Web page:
Addiction, Self Love, and Being Patient with the Process

Hello everyone,

Addiction is a Dirty Band-Aid

Most of you reading this might have some sort of addiction in their lives, this could be things like that is smoking, drinking, pornography, social media, watching telephone screen. But also things like seeking drama, complaining, conflicts with other people, work, stress
etc…

An addiction is a loss of control over one’s behavior.

Our addictive behaviors don’t just randomly happen; they are a symptom of a deeper issue.

Why do we get addicted?

That scone, that cocktail, or that cigarette brings about a temporary cessation of suffering. They block sadness, tension, fear, pain, boredom, and anger. They numb and distract us from all negative emotions.

To put it simply, addiction is a coping mechanism. It allows us to trudge onward in life, but without really looking toward the deeper issues.

An addiction may be a short-lived, temporary cure for the pain – but, as we all know, it’s not a long-term solution.

Running to our addiction is like slapping a Band-Aid on the wound – a Band-Aid that is dirty. Over time, the wound gets infected with the dirt and grime, and it worsens rather than heals.

When trying to overcome addiction it is good to find a state of well-being within ourselves. Fill up the emptiness we seek to fulfill with your awareness.

The Addiction is Not the Problem

Here’s the thing about addiction, dear friends: Addiction is not really the problem. Addiction is a glaring symptom.

If we can look deeper than the symptom and see the situation from a holistic point of view, then we may begin to bring about a resolution to much of the suffering in our lives.

So, what is the deeper issue? What lies at the root of addiction?

Ultimately, all addiction – no matter the type or the severity – stems from a lack of connection. When we feel disconnected from other people, from our society, from our deepest hopes and dreams, and from a sense of love, then this disconnection brings about powerful emotions. These emotions hurt, and so we run to the seeming solace of the addiction.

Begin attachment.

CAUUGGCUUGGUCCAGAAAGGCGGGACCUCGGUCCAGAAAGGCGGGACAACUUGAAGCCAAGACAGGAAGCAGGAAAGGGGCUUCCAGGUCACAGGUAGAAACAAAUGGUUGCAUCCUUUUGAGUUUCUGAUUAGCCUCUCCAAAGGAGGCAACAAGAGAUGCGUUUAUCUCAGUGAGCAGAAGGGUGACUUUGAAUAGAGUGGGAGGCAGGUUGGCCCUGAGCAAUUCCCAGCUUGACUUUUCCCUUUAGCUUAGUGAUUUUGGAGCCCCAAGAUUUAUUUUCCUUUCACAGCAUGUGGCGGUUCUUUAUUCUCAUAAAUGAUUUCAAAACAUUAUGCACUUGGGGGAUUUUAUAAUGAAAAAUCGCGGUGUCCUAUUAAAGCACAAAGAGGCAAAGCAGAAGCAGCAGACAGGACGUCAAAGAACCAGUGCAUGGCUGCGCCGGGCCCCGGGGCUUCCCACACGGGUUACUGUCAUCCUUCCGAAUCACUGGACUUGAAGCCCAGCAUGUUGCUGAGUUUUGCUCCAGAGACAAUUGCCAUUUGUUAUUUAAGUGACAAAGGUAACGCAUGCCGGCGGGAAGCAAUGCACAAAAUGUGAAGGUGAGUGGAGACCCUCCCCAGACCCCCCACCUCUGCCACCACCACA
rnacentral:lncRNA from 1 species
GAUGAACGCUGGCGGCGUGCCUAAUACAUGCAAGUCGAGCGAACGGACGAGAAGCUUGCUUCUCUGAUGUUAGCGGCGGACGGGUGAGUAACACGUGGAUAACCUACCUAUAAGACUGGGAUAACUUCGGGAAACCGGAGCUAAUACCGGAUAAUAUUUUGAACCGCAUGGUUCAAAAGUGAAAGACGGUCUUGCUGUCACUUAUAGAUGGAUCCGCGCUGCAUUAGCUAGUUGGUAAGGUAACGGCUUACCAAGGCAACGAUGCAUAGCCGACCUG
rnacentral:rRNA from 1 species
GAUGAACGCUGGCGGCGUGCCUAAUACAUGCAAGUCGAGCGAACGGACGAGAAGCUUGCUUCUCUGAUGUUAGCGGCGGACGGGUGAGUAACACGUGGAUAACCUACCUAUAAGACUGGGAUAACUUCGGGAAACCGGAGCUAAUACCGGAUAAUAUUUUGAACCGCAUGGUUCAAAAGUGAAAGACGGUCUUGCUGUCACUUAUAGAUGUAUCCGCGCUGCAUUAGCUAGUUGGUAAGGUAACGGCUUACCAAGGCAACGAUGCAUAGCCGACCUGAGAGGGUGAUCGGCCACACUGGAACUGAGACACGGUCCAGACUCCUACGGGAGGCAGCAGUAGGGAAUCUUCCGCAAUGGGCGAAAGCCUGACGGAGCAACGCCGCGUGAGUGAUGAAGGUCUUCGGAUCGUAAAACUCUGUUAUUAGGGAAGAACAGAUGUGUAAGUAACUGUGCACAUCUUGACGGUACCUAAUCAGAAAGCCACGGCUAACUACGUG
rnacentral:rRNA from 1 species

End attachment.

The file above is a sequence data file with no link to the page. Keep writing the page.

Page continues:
The addiction may seem, on the surface, as if it’s the problem, but actually, it’s not. The addiction is, in reality, a helpful pointer, showing us that there’s some internal healing we need to do.

The wonderful thing about addiction is that it is a powerful red STOP sign. It screams loudly:

“Look! There’s a problem!”

Addictions help us get in touch with our inner selves. Just like a cough helps us connect with the needs of our lungs (do I need fresh air? do I need more exercise? do I need to take certain herbs?), an addiction helps us get in touch with the needs of our heart.

Our heart is the seat of all emotion. Our heart is where feelings arise, are felt, and then released.

When we feel a lack of connection and love, we do not feel safe. We do not feel safe enough to explore the many emotions that can arise as human beings in our daily lives.

When we feel disconnected, negative emotions can feel overwhelming and scary. This is particularly true for those with abuse or trauma in their life history.

The addictive behavior is a misguided attempt to self-soothe. We believe that if we eat that scone or we drink that beer, then those scary emotions will stop and we will somehow be safe, somehow feel connected again.

But we all know that doesn’t work. What ends up happening is that, once the temporary high wears off, we are left feeling crappier than ever.

Addiction is not the problem. The problem, rather, is a false perception that there is no love, no connection.

MEDITATION IS MEDICATION!

Learn to develop peace and a state of fulfillment within. In order to do so, you might have to face your inner shadows. But by bringing the light of awareness within, those shadows will go.
Also: develop routines you enjoy, do things you love doing like walking in the park, swimming, painting, singing, or whatever gives you pleasure and well-being.
Develop physical strength, willpower and mental health by doing things like Yoga, QiGong, or any other form of active sport.
Decide for yourself, “Now I am going to change something in my habits and routines. I will take more care of mind and body and use my life energy in a better way.”

Love Yourself and Heal 

A relapse is nothing to be ashamed of. It happens.

If you or someone you love has been healing a pattern of addiction, please know that patience is key.

The spiral of evolution will bring you situations that will test your courage and self-awareness. Sometimes you will succumb. And that’s okay!

If you wake up and suddenly find yourself acting in a way that you know is not your highest good, then congratulate yourself for waking up. Take stock of your long-term changes and pat yourself on the back for coming this far.

Notice how you can more quickly bounce back from the relapse, with greater levels of patience and self-love. Notice how awesome you are!

Ultimately, the journey of addiction recovery is a journey of healing. And it’s a journey all humans go through, as we refine to greater and greater levels what it means to love and care for ourselves.

We would like to invite you to do the 7-Day Essentials Course.

And if you have done the 7-Day Essentials Course already, then try out my newest course, the 40 Days of Transformation.

May abundance, inner peace, love and light keep flowing into your life.

Michaël